Exploring Health Care Careers
In this highly unusual back-to-school time, one thing that remains the same is adults asking kids what they want to be when they grow up. Doctors and nurses have always been popular answers, but there are many other rewarding health care careers that most kids never see.
Stacy Anstine found one of these careers. She is as a certified medical dosimetrist at Lake Regional Cancer Center. Medical dosimetrists work with cancer doctors to design and deliver radiation treatment plans. In radiation therapy, the goals are to shrink and kill cancer cells while causing as few side effects as possible. This requires extremely targeted treatments to wipe out cancer while protecting healthy cells.
“The career tests we took in high school always indicated I would work in the area of helping others, such as health care or teaching,” Anstine says. “Interacting with others on a daily basis brings me joy.”
Anstine shares more about her career path in this Q&A.
How did you choose medical dosimetry?
I was still trying to decide on a major my second year into college. My younger sister had been researching the idea of X-ray school, and it seemed like a great fit. I finished an Associate of Arts degree and then applied to Nichols Career Center in Jefferson City.
Radiologic technology has several specialties, and at Nichols, I did short rotations through each specialty to get a feel for the work. After my rotation through radiation therapy, I knew it was for me. Radiation therapists get to know their patients because they spend five days a week with them throughout their course of treatment, sometimes up to eight weeks.
I spent a few years working as a radiation therapist and then went back to school for a certificate in medical dosimetry.
In the end, I put in six years of post-high school education and earned an associate’s degree, a certificate for X-ray, a certificate for radiation therapy and a certificate for medical dosimetry. All of these programs required passing a board exam and require continuing education each year. To pursue this position now, you would earn a master’s degree.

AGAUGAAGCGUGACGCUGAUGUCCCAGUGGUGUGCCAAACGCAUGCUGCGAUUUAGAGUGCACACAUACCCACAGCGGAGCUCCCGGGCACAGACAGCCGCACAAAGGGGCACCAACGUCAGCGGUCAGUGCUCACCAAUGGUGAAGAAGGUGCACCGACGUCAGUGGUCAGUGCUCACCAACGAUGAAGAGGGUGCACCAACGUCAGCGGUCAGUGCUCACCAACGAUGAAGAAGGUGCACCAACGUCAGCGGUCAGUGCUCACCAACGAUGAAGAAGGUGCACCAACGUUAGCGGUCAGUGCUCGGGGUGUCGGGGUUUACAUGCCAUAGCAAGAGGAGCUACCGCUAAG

What is a typical day like?
I spend a fair amount of time in front of a computer designing treatment plans and configuring the optimal method to deliver the prescribed radiation dose and spare critical structures. The radiation therapists complete the patient simulations and daily treatments. If there are tricky circumstances, they will include me on the discussions because everything we do ties together.
After a patient is simulated, I receive the CT scan and work with the physician to begin creating a plan. Some plans are more straightforward than others are, such a treating a bone for pain. Others take days to complete. The physician either approves the plan or gives me guidance on what to change. Once a plan has approval, I put the plan into our system so our physicist can check it before treatment begins.
What do you love about your job?
I love my work family — we make an excellent team — and I love our patients. They are the reason we are here doing what we do each day. I also love that we offer every patient hope. For some, it’s the hope of a long future ahead, while for others we offer hope that their last days will be worthwhile.
What skills and mindset do you need to be successful?
Medical dosimetrists need strong math and computer skills. You also need to be a problem solver and critical thinker.
You have to be open to learning. Being willing to try new ideas offered by a physician, a physicist, an educational program or a fellow dosimetrist will help you grow as a medical professional and ensure the best outcomes for your patients. You have to be someone who keeps persevering even through tough challenges and who never settles for just being good enough.
Are you interested in a health care career? Check out lakeregional.com/values. This page explores the habits and mindsets that Lake Regional team members value in each other. It also has a link to current job openings.
Anita Harrison is the Public Relations Assistant Manager at Lake Regional Health Systems.